Direct Link  |  

Bowker, R.M., R. Linder, K. Kimberly, R. Van Wulfer Perry and P.J. Ocello, 1996. Distribution of local anaesthetic injected into the distal interphalangeal joint and podotrochlear bursa: An experimental study. Pferdeheilkunde, 12: 609-612.

Bowker, R.M., S.J. Rockershouser and K.B. Vex, 1993. Immunocytochemical and dye distribution studies of nerves potentially desensitized by injections into the distal interphalangeal joint or the navicular bursa of horses. J. Am. Vet. Med. Assoc., 203: 1708-1714.
Direct Link  |  

Dyson, S.J. and L. Kidd, 1993. A comparison of responses to the analgesia of the navicular bursa and intra-articular analgesia of the distal interphalangeal joint in 59 horses. Equine Vet. J., 25: 93-98.
Direct Link  |  

Dyson, S.J., 1995. Comparison of responses to analgesia of the navicular bursa and intra-articular analgesia of the distal interphalangeal joint in 102 horses. Proc. Am. Ass. Equine Pract., 41: 234-239.

Gibson, K., C. McIlwraith and R. Park, 1990. A radiographic study of the distal interphalangeal joint and navicular bursa of the horse. Vet. Radiol., 31: 22-25.
Direct Link  |  

Gough, M.R., I.G. Mayhew and G.A. Munroe, 2002. Diffusion of mepivacaine between adjacent synovial structures in the horse. Part 1: Forelimb foot and carpus. Equine Vet. J., 34: 80-84.
Direct Link  |  

Pleasant, R.S., H.D. Moll and W.B. Ley, 1997. Intra-articular anesthesia of the distal interphalangeal joint alleviates lameness associated with the navicular bursa in horses. Vet. Surg., 26: 137-140.
Direct Link  |  

Sack, W.O., 1975. Nerve distribution in the metacarpus and front digit of the horse. J. Am. Vet. Med. Assoc., 167: 298-305.
Direct Link  |  

Sardari, K., H. Kazemi and M. Mohri, 2002. Effects of analgesia of the distal interphalangeal joint and navicular bursa on experimental lameness cause by solar pain in horses. J. Vet. Med., A49: 478-481.
Direct Link  |  

Sardari, K., H. Kazemi and M. Mohri, 2003. Effect of analgesia oft he distal interphalangeal joint on experimental lameness induced by heel pain in sole in horses. J. Fac. Vet. Med. Tehran Univ., 58: 13-19.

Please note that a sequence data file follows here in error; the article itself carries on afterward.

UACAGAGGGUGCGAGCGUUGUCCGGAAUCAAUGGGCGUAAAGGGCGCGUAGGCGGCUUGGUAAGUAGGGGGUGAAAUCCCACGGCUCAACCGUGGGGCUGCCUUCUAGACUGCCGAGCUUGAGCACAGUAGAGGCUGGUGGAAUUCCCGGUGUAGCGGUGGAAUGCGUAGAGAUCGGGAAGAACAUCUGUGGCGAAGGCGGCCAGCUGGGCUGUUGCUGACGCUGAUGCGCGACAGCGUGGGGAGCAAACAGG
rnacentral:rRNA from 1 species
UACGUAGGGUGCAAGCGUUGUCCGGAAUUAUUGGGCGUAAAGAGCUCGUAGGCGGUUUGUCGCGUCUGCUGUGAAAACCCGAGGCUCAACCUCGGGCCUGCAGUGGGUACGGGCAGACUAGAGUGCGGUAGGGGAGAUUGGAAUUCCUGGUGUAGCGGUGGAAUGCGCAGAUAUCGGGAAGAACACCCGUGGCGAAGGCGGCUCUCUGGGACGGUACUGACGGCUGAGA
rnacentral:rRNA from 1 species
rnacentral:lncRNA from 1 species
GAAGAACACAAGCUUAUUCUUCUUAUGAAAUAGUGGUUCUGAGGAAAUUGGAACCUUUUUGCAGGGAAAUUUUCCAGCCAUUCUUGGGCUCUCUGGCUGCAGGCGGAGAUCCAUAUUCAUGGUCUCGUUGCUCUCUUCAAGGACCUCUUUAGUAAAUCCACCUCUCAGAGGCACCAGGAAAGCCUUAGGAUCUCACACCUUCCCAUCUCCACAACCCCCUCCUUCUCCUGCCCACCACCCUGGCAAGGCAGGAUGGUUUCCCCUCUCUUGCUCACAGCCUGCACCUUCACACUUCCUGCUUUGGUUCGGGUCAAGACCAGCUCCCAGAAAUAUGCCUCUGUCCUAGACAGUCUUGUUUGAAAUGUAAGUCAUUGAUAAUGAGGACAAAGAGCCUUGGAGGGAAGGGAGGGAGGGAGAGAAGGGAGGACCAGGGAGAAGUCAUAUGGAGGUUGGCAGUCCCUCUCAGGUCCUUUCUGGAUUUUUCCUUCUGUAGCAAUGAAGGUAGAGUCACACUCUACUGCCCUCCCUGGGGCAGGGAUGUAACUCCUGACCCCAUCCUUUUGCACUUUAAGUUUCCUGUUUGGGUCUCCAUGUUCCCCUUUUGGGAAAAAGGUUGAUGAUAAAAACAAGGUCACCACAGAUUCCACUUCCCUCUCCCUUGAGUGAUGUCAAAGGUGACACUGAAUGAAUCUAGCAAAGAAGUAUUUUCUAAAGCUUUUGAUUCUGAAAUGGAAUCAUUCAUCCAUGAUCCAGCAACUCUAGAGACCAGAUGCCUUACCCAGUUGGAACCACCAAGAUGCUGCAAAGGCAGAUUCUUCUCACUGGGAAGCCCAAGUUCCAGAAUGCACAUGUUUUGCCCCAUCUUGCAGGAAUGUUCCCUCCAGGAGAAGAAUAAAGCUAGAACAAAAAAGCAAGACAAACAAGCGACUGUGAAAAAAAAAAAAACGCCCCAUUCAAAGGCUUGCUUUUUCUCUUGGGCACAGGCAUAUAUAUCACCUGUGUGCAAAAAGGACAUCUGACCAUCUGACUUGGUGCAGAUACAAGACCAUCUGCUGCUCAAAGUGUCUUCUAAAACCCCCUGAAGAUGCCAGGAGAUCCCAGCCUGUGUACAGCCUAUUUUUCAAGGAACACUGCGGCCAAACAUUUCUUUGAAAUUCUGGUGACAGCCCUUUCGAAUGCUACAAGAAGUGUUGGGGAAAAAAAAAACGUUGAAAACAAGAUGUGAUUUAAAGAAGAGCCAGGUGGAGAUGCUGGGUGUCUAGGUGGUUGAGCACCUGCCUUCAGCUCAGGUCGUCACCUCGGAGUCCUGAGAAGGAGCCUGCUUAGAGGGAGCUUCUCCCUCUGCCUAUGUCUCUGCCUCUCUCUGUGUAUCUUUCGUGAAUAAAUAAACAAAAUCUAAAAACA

Schramme, M.C., J.C. Boswell and K. Hamhoughias, 2000. An in vitro study to compare 5 different techniques for injection of the navicular bursa in the horse. Equine Vet. J., 32: 263-267.
Direct Link  |  

Schumacher, J., R. Steiger, J. Schumacher, F. Graves, M. Schramme, R. Smith and M. Coker, 2000. Effects of analgesia of the distal interphalangeal joint or palmar digital nerves on lameness caused by solar pain in horses. Vet. Surg., 29: 54-58.
Direct Link  |  

Schumacher, J.I., J.O. Schumacher and F. De Graves, 2001. A comparison of the effects of two volumes of local analgesic solution in the distal interphalangeal joint of horses with lameness caused by solar toe orsolar heel pain. Equine Vet. J., 33: 265-268.

Schumacher, J.O., J.I. Schumacher and F. De Graves, 2001. A comparison of the effects of local analgesic solution in the navicular bursa of horses with lameness caused by solar toe or solar heel pain. Equine Vet. J., 33: 386-389.
Direct Link  |  

Schumacher, J.O., J.I. Schumacher and R. Gillette, 2003. The effects of local anaesthetic solution in the navicular bursa of horses with lameness caused by distal interphalangeal joint pain. Equine Vet. J., 35: 502-505.
Direct Link  |  

Turner, T., 1996. Differentiation of navicular region pain from other forms of palmar heel pain. Pferdeheilkunde, 12: 603-606.

Turner, T.A., 1989. Diagnosis and treatment of navicular syndrome in horses. Vet. Clin. N. Am. Equine Pract., 5: 131-144.
Direct Link  |  

Wrigth, I.M., 1993. A study of 118 cases of navicular disease: Clinical features. Equine Vet. J., 25: 488-492.

©  2014 Science Alert. All Rights Reserved
Fulltext PDF References Abstract